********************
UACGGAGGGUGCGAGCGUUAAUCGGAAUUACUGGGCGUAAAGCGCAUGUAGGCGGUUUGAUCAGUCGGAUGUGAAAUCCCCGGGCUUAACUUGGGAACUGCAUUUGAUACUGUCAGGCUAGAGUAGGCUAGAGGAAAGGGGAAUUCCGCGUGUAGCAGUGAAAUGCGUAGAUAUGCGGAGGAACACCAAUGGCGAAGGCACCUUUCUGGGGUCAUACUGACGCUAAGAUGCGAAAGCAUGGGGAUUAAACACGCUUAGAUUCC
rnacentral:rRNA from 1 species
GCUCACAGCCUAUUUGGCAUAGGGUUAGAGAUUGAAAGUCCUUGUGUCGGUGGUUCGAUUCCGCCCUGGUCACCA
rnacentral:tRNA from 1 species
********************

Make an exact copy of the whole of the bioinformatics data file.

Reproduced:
UACGGAGGGUGCGAGCGUUAAUCGGAAUUACUGGGCGUAAAGCGCAUGUAGGCGGUUUGAUCAGUCGGAUGUGAAAUCCCCGGGCUUAACUUGGGAACUGCAUUUGAUACUGUCAGGCUAGAGUAGGCUAGAGGAAAGGGGAAUUCCGCGUGUAGCAGUGAAAUGCGUAGAUAUGCGGAGGAACACCAAUGGCGAAGGCACCUUUCUGGGGUCAUACUGACGCUAAGAUGCGAAAGCAUGGGGAUUAAACACGCUUAGAUUCC
rnacentral:rRNA from 1 species
GCUCACAGCCUAUUUGGCAUAGGGUUAGAGAUUGAAAGUCCUUGUGUCGGUGGUUCGAUUCCGCCCUGGUCACCA
rnacentral:tRNA from 1 species